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ATLANTIC, Va. — NASA scientists are using former military surveillance drones to help them understand more about how tropical storms intensify, which they say could ultimately save lives by improving forecast models that predict a hurricane's strength.
News Herald · 9/11/2013
(Video via NASA) The system would track drone location, prevent flights over sensitive areas such as the White House, automatically ground drones in bad weather and sort out which drones get priority in the event the airspace gets too congested.
KIROTV · 6/5/2015
Washington: Nasa scientists, led by an Indian-origin researcher, are developing an air traffic control system for drones that would scan for adverse weather conditions and also prevent the small unmanned vehicles from running into buildings. Nasa’s drone ...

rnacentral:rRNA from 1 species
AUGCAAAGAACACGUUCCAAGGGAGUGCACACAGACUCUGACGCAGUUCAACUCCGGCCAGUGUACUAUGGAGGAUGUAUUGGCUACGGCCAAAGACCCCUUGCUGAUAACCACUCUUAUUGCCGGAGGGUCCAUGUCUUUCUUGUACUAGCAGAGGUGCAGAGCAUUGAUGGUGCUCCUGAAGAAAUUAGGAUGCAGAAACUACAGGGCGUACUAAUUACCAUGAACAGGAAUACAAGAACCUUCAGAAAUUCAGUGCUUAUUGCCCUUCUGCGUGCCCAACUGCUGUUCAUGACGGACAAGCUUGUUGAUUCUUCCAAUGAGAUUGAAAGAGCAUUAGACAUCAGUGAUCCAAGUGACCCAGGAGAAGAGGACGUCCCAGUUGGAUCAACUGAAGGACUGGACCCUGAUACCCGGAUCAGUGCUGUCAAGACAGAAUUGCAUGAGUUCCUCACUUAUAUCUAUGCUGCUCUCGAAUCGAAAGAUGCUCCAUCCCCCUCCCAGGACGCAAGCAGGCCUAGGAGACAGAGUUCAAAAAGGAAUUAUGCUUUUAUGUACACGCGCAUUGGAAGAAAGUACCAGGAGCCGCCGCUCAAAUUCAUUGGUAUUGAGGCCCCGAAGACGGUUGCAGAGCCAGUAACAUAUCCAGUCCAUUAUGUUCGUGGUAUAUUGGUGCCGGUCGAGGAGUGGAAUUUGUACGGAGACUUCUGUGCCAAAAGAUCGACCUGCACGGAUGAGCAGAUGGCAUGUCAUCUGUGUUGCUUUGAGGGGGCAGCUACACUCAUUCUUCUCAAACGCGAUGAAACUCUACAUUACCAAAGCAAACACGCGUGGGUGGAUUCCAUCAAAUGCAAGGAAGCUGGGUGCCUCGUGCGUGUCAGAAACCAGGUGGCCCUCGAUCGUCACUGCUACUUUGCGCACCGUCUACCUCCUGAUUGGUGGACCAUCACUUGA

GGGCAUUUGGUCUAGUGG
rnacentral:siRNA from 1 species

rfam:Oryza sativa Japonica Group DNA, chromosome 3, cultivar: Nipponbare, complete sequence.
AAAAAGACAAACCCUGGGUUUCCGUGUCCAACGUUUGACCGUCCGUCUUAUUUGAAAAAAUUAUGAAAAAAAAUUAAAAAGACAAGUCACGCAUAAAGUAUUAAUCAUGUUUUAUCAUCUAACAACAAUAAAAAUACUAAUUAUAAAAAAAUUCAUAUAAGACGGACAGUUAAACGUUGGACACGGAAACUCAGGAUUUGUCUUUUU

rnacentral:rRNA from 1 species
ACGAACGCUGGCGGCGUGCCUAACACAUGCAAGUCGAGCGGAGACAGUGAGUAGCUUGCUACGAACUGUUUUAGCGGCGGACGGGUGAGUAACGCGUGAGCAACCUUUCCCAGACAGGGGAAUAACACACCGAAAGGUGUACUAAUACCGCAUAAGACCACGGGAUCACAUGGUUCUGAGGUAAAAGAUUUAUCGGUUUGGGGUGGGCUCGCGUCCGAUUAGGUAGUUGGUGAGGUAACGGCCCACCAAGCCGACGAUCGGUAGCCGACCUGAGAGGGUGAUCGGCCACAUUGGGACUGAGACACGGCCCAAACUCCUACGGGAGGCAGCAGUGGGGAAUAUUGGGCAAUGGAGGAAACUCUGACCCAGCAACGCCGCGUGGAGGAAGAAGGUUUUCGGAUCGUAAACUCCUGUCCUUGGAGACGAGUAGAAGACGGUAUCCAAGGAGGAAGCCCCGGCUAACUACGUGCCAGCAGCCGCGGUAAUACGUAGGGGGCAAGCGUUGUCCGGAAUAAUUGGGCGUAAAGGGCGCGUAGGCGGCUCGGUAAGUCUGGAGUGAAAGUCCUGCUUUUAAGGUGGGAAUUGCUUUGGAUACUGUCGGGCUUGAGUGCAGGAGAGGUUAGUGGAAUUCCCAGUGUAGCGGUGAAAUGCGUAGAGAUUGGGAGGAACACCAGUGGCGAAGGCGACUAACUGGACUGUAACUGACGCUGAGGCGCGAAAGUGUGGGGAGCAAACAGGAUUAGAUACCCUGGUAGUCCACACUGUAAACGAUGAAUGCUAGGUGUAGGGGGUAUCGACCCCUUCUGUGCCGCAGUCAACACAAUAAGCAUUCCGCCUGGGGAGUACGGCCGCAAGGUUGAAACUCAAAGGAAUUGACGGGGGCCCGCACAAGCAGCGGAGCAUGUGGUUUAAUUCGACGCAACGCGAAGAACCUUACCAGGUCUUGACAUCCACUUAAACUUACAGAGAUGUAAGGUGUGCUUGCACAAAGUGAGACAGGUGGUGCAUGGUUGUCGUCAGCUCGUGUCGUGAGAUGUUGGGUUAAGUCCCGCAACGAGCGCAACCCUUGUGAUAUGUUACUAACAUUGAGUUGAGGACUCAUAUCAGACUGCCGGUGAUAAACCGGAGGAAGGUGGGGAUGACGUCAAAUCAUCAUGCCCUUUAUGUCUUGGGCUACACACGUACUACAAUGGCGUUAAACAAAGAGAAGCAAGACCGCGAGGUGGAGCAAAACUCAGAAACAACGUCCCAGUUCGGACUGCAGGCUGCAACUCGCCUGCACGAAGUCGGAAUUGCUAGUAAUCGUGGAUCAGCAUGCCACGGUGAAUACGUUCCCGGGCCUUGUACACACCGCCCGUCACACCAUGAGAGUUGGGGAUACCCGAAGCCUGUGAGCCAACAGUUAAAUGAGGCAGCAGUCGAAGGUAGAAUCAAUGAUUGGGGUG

Live Mint · 9/2/2014
More from Bing News
NASA drones will fly this August to investigate hurricane ... "African Saharan dust suppresses tropical development," said AccuWeather Senior Meteorologist Bob Smerbeck. "It's hard to produce anything in African dust." Every summer, impulses come …
AccuWeather · 8/2/2013
The two Global Hawk drones are a central part of NASA's five-year HS3 (Hurricane and Severe Storm Sentinel) Mission investigating why certain weather patterns become hurricanes, and why some hurricanes grow into monster storms. The massive drones ...
NPR News · 9/13/2013
NASA intends that this system would automatically “geo-fence” drones out of sensitive airspace, keep drones from flying in inclement weather, assist in preventing drones from crashing into buildings or each other, and prioritizing drones in busy airspace.
The Space Reporter · 6/5/2015